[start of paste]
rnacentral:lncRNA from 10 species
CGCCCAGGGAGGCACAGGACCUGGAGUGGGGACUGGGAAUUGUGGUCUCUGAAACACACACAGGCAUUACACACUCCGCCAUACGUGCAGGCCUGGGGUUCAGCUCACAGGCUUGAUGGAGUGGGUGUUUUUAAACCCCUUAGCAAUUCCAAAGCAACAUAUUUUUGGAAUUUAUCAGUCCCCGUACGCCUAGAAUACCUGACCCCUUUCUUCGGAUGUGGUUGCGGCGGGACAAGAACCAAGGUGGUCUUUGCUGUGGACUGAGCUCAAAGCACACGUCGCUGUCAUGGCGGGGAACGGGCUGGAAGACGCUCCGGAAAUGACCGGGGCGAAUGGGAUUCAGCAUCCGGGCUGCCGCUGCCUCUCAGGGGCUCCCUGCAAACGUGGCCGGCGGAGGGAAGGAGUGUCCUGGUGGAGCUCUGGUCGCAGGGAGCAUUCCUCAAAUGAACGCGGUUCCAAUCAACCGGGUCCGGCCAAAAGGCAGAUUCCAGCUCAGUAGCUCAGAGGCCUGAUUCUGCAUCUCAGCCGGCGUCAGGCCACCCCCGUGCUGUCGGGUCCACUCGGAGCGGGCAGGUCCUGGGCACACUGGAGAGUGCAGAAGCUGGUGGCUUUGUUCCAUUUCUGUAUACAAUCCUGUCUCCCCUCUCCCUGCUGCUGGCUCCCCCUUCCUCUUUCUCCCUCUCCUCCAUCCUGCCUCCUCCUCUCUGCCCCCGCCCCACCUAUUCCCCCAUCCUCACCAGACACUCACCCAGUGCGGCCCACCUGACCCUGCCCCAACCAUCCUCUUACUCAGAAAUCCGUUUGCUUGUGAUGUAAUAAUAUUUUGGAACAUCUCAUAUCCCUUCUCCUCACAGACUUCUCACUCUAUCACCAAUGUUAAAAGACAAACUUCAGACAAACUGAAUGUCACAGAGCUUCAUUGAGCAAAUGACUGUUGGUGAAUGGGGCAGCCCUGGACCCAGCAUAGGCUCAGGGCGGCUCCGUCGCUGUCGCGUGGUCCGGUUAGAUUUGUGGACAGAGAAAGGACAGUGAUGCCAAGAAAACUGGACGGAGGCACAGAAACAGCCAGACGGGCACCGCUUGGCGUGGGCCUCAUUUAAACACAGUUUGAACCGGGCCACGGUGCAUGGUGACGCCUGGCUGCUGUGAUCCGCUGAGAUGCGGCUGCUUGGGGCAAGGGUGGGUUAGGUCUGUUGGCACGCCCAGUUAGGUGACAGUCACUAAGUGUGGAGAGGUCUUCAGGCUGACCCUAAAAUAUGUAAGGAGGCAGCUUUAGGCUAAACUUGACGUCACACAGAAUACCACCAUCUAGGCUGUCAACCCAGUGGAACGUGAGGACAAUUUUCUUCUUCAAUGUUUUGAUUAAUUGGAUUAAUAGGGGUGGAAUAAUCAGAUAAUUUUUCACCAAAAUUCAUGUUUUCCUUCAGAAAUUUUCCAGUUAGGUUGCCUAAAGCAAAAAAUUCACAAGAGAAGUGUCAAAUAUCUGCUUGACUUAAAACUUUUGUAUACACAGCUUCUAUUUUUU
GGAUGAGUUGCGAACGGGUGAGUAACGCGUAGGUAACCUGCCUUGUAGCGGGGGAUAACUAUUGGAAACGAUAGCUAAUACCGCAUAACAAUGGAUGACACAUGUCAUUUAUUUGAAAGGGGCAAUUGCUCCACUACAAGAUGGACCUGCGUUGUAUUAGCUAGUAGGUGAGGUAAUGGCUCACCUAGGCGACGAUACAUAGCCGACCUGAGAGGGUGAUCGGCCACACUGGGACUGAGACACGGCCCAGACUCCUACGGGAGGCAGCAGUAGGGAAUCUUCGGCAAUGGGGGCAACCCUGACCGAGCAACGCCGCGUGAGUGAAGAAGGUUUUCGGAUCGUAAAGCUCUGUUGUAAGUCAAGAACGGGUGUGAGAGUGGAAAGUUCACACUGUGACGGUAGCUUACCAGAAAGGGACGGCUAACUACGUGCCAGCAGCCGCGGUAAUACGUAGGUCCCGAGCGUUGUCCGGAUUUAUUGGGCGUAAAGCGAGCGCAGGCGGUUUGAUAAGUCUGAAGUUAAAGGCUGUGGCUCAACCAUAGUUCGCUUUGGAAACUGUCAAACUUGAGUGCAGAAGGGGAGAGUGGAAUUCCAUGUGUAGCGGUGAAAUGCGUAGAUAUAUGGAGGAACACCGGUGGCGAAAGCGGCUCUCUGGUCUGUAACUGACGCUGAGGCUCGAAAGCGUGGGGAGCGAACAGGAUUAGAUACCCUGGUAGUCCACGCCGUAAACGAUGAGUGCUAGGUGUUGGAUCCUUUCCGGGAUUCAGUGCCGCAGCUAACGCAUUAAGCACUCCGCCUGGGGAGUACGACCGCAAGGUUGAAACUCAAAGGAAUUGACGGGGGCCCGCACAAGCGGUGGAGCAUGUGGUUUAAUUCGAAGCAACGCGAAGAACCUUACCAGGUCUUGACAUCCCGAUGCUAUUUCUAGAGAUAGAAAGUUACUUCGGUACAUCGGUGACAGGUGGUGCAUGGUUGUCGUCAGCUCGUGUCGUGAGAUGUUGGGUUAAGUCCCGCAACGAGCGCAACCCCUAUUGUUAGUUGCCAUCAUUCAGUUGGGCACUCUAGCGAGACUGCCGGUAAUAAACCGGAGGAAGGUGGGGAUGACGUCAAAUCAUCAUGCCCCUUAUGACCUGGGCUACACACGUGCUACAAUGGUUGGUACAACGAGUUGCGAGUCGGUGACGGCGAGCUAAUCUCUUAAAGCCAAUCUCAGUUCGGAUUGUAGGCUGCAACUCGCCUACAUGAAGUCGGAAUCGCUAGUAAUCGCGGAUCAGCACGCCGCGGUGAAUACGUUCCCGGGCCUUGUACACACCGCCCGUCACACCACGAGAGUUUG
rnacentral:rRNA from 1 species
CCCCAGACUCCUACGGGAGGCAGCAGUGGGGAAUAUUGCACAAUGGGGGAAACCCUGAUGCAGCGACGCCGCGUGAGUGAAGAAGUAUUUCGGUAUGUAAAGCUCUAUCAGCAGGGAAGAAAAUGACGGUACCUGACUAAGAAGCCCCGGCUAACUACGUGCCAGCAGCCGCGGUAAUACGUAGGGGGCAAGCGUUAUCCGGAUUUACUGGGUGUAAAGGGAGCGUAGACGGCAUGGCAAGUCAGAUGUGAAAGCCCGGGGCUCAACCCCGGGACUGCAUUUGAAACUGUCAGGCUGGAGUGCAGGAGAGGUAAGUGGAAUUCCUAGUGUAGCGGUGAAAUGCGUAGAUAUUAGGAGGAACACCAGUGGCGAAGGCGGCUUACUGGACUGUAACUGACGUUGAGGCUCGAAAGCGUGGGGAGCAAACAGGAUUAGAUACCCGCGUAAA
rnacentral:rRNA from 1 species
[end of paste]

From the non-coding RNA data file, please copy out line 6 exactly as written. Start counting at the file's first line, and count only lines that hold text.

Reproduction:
rnacentral:rRNA from 1 species